the abrupt and imposing hills around the Vale of Blackmore. To most
who travel in search of the picturesque and the beautiful, the Dorset
coast and the country immediately in the rear, will make the greatest
appeal. The line of undulating cliffs, often towering in bold,
impressive shapes, that commences almost as soon as Dorset is entered
and continues without a dull mile to the eastern extremity of
Weymouth, is to some minds the finest stretch of England's shore
outside Cornwall, a county that depends entirely on its coast line for
its claim to beauty. To some eyes, indeed, the exquisite and varied
colouring of the Dorset cliffs is more satisfying than that of the
dour and dark rocks of Tintagel and the Land's End. And if Wessex
cannot boast the sustained grandeur of the stern face that England
turns to the Atlantic waves, the romantic arch of Durdle Door, the
majestic hill-cliff that rises above the green cleft of Arish Mel, and
the sombre precipices of St. Aldhelm's, with the smiling loveliness of
the Wessex lanes and hamlets behind them, will be sufficient

Hampshire has been given the character of having the least interesting
shore of all the southern counties. This is a matter of individual
taste. The surf that beats on the sands from Bournemouth to
Southampton Water washes the very edge of the "Great Wood." Again, the
long pebble wall of the Chesil Bank and the barrier "fleets" of middle
Wessex are a real sanctuary of the wild. This is almost the longest
stretch in England without bathing machine or bungalow. Remote and
little visited also is the exquisite sea country that begins at the
strange little settlement of Bridport Quay and ends in Devonshire. To
the writer's mind there is nothing more lovely in seaward England than
the scenery around Golden Cap, that glorious hill that rises near
little old "Chiddick," and no sea town to equal Lyme, standing at the
gate of Devon and incomparably more interesting and unspoilt than any
Devon coast town.

But the traveller in search of something besides the picturesque will
not be contented until he has explored the wonderful region that
enshrines the most unique of human works in Britain, belonging to
remotely different ages and widely dissimilar in aspect and
purpose--Salisbury Cathedral and Stonehenge. No one can claim to know
Wessex until some hours of quiet have been spent within the walls of
the ancient capital, and no one can know England until the spirit of
the English countryside, the secluded and primary village of the
byways with its mothering church, rich with the best of the past, has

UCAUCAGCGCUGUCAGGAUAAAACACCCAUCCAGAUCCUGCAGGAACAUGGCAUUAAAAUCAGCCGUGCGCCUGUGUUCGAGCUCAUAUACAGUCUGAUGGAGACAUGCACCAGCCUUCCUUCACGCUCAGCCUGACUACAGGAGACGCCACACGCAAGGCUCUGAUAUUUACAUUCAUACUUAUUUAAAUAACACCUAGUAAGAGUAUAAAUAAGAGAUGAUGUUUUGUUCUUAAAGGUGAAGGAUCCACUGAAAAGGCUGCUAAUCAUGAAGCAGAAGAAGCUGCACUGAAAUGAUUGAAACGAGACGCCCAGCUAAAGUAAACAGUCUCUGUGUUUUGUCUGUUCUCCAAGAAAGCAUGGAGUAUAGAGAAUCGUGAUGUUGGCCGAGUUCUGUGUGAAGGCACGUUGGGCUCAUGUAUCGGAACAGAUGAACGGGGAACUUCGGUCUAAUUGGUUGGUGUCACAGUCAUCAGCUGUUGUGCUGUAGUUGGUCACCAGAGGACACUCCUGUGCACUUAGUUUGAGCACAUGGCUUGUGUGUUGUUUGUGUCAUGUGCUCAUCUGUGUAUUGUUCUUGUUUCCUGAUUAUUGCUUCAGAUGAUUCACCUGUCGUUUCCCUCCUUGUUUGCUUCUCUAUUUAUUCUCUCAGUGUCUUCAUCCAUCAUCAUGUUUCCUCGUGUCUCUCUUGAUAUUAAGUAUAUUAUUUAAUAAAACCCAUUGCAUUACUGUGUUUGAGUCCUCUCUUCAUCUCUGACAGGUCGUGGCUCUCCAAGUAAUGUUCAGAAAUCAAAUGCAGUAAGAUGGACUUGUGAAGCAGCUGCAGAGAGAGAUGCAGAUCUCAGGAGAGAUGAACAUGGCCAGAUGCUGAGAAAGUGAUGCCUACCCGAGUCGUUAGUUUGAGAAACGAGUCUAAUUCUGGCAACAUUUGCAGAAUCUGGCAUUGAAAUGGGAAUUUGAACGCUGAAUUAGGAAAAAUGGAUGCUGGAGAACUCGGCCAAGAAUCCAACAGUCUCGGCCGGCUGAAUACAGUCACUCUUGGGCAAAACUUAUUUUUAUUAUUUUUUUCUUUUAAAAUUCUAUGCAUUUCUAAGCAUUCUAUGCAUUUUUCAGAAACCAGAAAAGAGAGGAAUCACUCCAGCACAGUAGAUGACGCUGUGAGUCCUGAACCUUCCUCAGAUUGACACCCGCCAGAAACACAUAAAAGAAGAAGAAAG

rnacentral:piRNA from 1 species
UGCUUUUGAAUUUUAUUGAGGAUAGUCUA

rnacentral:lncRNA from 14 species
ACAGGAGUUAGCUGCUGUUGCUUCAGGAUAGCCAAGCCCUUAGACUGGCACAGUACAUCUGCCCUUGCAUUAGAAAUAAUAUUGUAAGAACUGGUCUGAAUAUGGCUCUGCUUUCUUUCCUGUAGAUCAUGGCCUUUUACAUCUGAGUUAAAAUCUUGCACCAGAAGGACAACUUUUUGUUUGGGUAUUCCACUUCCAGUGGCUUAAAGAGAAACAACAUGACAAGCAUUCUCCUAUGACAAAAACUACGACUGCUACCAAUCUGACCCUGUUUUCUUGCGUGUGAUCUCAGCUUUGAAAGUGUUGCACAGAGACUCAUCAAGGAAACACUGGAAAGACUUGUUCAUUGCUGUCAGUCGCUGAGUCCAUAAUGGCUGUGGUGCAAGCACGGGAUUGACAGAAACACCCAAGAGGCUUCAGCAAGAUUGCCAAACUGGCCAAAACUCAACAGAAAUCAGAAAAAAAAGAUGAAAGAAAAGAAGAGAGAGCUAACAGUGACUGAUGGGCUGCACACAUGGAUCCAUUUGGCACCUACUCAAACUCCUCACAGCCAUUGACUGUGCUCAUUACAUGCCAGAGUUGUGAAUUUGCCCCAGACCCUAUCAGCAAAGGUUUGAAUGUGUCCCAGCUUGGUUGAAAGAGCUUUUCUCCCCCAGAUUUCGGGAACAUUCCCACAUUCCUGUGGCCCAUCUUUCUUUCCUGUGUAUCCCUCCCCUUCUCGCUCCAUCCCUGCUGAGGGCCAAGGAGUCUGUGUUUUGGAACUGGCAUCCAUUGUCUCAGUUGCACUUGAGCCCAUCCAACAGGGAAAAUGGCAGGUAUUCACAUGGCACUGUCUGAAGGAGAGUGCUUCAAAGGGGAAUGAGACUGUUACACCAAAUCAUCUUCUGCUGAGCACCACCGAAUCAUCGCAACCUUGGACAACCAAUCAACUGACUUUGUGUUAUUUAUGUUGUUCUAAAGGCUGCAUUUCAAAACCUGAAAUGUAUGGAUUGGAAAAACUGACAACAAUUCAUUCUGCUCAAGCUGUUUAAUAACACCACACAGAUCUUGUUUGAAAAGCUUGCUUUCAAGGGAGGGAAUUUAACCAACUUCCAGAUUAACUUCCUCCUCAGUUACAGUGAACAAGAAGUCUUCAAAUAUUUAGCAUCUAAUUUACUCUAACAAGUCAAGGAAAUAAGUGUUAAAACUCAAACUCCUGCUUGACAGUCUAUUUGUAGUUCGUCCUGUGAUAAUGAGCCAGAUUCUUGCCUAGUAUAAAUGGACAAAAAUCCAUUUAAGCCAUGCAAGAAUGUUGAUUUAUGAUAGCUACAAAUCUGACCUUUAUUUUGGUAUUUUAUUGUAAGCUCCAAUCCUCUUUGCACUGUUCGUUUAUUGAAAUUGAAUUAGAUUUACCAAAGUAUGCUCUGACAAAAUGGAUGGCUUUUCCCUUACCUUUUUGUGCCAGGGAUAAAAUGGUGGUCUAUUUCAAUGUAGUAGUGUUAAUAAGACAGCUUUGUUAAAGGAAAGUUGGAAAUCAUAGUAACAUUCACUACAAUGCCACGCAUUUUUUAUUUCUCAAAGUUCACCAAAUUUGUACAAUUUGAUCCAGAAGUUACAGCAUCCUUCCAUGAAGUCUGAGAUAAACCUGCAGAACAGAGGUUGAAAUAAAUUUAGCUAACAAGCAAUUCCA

been studied, known and loved. This is the essential England for which
the yeoman of England, whose memorials will be seen in almost every
Wessex hamlet, have given their lives.

[Illustration: ST. CROSS.]



The foundations of the ancient capital of England were probably laid
when the waves of Celtic conquest that had submerged the Neolithic men
stilled to tranquillity. The earliest records left to us are many
generations later and they are obscure and doubtful, but according to
Vigilantius, an early historian whose lost writings have been quoted
by those who followed him, a great Christian church was re-erected
here in A.D. 164 by Lucius, King of the Belgae, on the site of a
building destroyed during a temporary revival of paganism. The Roman
masters of Lucius called his capital, rebuilt under their tuition,
"Venta Belgarum." The British name--Caer Gwent--belonged to the
original settlement. The size and boundaries of both are uncertain.
Remains of the Celtic age are practically non-existent beneath
Winchester, though the surrounding hills are plentifully strewn with
them, and if Roman antiquities occasionally turn up when the
foundations of new buildings are being prepared, any plan of the Roman
town is pure conjecture. The true historic interest of Winchester, and
historically it is without doubt the most interesting city in England,
dates from the time of those West Saxon chiefs who gave it the
important standing which was eventually to make it the metropolis of
the English.

The early history of Winteceaster is the history of Wessex, and when
Cerdic decided to make it the capital of his new kingdom, about 520,
it was probably the only commercial centre in the state, with
Southampton as its natural port and allied town. As the peaceful
development of Wessex went on, so the population and trade of the
capital grew until in a little over a hundred years, when Birinus came
from over seas bearing the cross of the faith that was soon to spread